A Lewis Cole Mystery
Pegasus Books, 2016, HC, 256 pp, $25.95
After the last two reads, Oceans of Insight and The North Water, Storm Cell, by Brendan Dubois is a light and quick mystery. It is Dubois' tenth novel in his Lewis Cole series. In this novel Cole, a former intelligent analyst for the Department of Defense, tries to unravel the legal mess in which friend Felix Tinios has become trapped.
Felix and Lewis had partnered up in the past, and formed a friendship while helping others. Although it is obvious Felix is more than just a security consultant, with a penchant for blurring the legal lines, Lewis is convinced he is not guilty of murder. Unfortunately there is a huge amount of evidence, including a video of Tinios entering the building of the deceased, his gun left at the scene, and of course, fingerprints. The State is going for the death penalty.
The confusion for Lewis sets in when Felix won't let him visit him in prison. Felix has also hired hack attorney Hollis Spinelli, instead of his usual lawyer, Raymond Drake. While Lewis is puzzling this out, two FBI agents, Krueger and Zimmer, approach him with the alarming news that the feds are watching the case. Felix had done some nebulous work for them in the past, and they don't want him using that as leverage to get out of this murder charge. Felix's life is on the line and Lewis had better figure this out in a hurry.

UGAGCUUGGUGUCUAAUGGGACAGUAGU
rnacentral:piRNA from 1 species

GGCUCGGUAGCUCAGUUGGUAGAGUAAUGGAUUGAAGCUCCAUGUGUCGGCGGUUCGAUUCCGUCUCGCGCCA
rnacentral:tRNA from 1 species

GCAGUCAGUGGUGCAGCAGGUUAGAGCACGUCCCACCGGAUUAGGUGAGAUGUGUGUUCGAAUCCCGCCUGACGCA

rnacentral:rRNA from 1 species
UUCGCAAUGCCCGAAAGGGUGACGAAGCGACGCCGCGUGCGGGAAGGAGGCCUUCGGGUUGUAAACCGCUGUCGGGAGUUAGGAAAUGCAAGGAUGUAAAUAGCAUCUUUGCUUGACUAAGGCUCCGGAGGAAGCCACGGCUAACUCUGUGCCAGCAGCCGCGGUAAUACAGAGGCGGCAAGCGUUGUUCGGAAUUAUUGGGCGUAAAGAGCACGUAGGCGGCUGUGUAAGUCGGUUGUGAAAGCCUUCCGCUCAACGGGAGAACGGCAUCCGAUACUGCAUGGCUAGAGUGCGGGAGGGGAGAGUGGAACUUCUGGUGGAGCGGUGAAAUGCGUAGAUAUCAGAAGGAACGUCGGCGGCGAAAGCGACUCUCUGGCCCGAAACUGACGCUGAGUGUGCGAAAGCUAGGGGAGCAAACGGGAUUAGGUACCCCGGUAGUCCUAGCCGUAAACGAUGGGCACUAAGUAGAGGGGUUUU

The murdered man is Fletcher Moore, chairman of the Tyler, New Hampshire board of selectman. He seems to be an all-around good citizen. As Lewis delves deeper, however, he discovers shady land deals involving a casino. He also suspects that Felix's longtime lawyer Raymond Drake is being held hostage in his own home. In among this Lewis is being plagued by a hired enforcer, Tyler, who threatens to burn down his home if he doesn't cease his investigation. Of course Lewis objects to this and there are a few old fashioned brawls. When Lewis discovers that Hollis Spinelli has in fact hired Tyler, he realizes that a dirty lawyer is representing his friend and he finally slips his research analyst composure and is jettisoned into action.
This novel is well plotted and paced. If you haven't read the first novels you may be a little out of depth for the first few chapters, but Dubois does a good job of offering back history without bogging down the plot. It reminded me at times of the Robert Parker Spencer novels, especially the Felix Tinios character who I found similar to Hawk. All around entertaining and a very satisfying read.